Richly illustrated throughout, The Double is a multifaceted exploration of an enduring theme in art, from painting and sculpture to photography, film, video, and performance.


REVIEW: Shahriar Mandanipour conjures joy and tragedy in ‘Seasons of Purgatory’

REVIEW: Shahriar Mandanipour conjures joy and tragedy in ‘Seasons of Purgatory’
Updated 21 June 2022

REVIEW: Shahriar Mandanipour conjures joy and tragedy in ‘Seasons of Purgatory’

REVIEW: Shahriar Mandanipour conjures joy and tragedy in ‘Seasons of Purgatory’

CHICAGO: Award-winning author and journalist Shahriar Mandanipour’s short-story collection, “Seasons of Purgatory,” is best described as an exploration of the human experience — from victims of war and soldiers on the frontline to lonely souls treading water, Mandanipour explores the physical, emotional and spiritual facets of his characters.

The collection — translated into English by journalist Sara Khalili — moves through the cities of Iran to the countryside, telling tales from young and old in ways that are both unique and relatable.

The collection opens with “Shadows of the Cave,” which centers around Mr. Farvaneh, a particular man whose past life as a former government employee envelops him in mystery. After being incarcerated for a little over a month in his youth, his entire outlook on life has changed and it’s the little details that seem to trouble him. Next up is “Mummy and Honey,” in which a father inherits his father’s house and orders his sons to take up residence with him if they want their inheritance. Reluctantly agreeing to their father’s outdated demands, the brothers stay, but a viper that lives in the grounds of the property spells trouble for the three brothers and their families.

Mandanipour’s title story takes readers into the Iran-Iraq war, introducing us to Captain Meena’s soldiers and Nasser, a decomposing man leaning against a rock in a valley. Stuck in no-man’s land between Iraqi and Iranian troops, Nasser’s skeleton has merged into the landscape, and represents something different to each soldier.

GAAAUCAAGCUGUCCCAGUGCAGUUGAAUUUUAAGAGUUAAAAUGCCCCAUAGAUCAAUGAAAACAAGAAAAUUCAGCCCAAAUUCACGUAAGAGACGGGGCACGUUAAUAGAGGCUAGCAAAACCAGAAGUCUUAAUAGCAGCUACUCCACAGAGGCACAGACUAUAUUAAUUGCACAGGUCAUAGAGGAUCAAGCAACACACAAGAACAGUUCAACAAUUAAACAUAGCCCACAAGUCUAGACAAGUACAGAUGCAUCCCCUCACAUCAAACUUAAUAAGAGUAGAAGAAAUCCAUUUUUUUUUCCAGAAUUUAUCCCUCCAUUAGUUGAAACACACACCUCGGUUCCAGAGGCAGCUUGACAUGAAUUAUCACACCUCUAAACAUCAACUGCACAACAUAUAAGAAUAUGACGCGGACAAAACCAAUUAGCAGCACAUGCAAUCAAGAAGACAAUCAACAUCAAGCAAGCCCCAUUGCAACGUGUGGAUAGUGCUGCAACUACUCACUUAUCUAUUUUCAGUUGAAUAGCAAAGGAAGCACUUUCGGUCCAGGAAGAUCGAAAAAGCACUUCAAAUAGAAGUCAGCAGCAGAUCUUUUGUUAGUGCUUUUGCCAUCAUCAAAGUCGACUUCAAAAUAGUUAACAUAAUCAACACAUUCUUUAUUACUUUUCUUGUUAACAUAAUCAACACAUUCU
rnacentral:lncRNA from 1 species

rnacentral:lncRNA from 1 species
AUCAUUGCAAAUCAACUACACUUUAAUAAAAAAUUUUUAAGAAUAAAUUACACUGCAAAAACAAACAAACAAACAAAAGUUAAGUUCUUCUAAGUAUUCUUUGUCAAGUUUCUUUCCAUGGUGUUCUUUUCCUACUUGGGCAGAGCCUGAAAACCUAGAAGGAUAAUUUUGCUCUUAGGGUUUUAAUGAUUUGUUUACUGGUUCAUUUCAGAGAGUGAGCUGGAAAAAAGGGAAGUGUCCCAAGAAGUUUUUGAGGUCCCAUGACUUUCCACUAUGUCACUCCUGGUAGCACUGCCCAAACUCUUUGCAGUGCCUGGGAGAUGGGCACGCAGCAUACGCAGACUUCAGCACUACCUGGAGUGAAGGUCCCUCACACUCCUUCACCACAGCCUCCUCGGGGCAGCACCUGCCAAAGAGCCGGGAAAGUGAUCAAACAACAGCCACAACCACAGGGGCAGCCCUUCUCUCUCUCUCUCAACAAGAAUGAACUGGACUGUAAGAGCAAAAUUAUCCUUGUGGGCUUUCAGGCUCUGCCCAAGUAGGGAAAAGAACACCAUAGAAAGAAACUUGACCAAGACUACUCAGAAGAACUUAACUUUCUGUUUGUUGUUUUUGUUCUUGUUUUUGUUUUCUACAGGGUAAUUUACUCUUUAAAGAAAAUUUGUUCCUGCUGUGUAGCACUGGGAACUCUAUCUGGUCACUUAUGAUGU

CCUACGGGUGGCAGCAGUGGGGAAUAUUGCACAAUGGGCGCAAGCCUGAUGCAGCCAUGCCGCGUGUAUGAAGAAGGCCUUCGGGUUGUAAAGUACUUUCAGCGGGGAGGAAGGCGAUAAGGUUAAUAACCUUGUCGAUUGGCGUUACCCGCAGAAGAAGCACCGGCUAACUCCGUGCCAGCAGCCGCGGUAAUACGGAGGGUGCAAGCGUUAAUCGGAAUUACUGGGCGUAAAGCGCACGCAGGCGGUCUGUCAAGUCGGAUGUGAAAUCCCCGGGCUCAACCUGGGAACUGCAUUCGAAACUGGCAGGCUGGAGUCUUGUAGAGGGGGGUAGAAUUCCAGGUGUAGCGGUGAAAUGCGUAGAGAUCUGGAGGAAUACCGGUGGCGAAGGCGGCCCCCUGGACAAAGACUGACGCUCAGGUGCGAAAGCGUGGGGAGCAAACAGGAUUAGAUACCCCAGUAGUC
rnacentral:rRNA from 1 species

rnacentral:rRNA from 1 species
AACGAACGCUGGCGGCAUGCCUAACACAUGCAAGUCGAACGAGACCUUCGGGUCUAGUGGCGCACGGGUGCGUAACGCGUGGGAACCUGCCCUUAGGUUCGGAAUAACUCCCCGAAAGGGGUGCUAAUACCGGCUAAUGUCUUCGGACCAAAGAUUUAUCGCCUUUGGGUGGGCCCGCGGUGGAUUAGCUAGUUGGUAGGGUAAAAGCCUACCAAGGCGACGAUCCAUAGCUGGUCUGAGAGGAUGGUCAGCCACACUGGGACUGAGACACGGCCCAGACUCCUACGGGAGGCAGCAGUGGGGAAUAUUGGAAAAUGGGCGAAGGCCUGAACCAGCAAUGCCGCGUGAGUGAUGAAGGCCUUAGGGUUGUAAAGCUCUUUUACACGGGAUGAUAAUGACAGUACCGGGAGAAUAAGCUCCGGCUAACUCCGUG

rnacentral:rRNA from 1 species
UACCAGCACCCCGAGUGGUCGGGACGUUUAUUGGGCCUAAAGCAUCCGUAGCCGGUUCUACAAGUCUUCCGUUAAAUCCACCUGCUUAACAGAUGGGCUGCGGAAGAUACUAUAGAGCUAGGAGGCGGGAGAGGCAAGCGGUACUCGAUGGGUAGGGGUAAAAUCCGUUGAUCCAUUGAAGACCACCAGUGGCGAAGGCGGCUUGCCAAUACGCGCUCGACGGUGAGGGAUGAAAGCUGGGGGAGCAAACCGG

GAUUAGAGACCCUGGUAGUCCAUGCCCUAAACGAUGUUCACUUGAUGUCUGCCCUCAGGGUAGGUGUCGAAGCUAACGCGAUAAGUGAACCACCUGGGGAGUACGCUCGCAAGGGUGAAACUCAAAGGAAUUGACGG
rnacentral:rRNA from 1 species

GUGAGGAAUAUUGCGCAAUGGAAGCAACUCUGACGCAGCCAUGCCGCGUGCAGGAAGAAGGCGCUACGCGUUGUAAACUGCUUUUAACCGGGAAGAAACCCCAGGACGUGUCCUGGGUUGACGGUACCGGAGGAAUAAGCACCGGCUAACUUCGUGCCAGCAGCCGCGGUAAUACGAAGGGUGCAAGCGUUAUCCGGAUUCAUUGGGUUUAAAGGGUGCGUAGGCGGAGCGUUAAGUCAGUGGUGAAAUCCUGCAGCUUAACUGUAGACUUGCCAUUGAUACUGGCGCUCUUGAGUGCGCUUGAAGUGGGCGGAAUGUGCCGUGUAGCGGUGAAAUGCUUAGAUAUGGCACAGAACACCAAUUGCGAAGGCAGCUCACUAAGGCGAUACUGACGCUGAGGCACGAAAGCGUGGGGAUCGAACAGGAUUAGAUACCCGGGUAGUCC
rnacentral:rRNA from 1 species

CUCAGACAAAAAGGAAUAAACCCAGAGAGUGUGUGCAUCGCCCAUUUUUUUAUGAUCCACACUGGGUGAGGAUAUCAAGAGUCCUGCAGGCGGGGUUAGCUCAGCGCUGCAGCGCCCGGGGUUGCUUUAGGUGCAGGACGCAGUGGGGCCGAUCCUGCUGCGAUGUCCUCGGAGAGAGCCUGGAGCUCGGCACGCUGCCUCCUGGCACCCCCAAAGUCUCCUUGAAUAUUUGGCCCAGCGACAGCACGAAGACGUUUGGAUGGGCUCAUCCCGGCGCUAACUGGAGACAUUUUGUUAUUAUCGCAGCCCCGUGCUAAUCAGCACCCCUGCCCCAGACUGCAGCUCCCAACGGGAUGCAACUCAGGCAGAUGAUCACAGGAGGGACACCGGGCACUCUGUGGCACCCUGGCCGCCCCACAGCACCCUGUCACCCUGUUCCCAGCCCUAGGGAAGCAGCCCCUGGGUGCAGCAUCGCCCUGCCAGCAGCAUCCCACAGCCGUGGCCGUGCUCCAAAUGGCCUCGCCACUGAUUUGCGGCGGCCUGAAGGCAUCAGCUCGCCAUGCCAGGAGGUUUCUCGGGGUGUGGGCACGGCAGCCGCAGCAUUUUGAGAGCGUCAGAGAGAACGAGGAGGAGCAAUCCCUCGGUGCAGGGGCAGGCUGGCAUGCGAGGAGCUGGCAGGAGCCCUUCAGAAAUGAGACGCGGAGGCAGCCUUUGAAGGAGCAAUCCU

Mandanipour’s stories contain moments of joy but are underpinned by tragedy. His characters resiliently push through the trauma that affects everyone and everything — including animals and nature — around them. Among the floating orange blossom petals are lives that are connected, no matter their species.

Mandanipour manages to conjure a sense of magic from the heartbreak of wars and the consequences of power structures. The themes of his stories, no matter how unique the specific tale, seem to repeat in different circumstances with different characters, to show that life is a circle that repeats — a cycle of failures and successes.

 


What We Are Reading Today: Curves for the Mathematically Curious

What We Are Reading Today: Curves for the Mathematically Curious
Updated 20 June 2022

What We Are Reading Today: Curves for the Mathematically Curious

What We Are Reading Today: Curves for the Mathematically Curious

Author: Julian Havil 

Curves for the Mathematically Curious is a thoughtfully curated collection of 10 mathematical curves, selected by Julian Havil for their significance, mathematical interest, and beauty.

Each chapter gives an account of the history and definition of one curve, providing a glimpse into the elegant and often surprising mathematics involved in its creation and evolution.

In telling the 10 stories, Havil introduces many mathematicians and other innovators, some whose fame has withstood the passing of years and others who have slipped into comparative obscurity.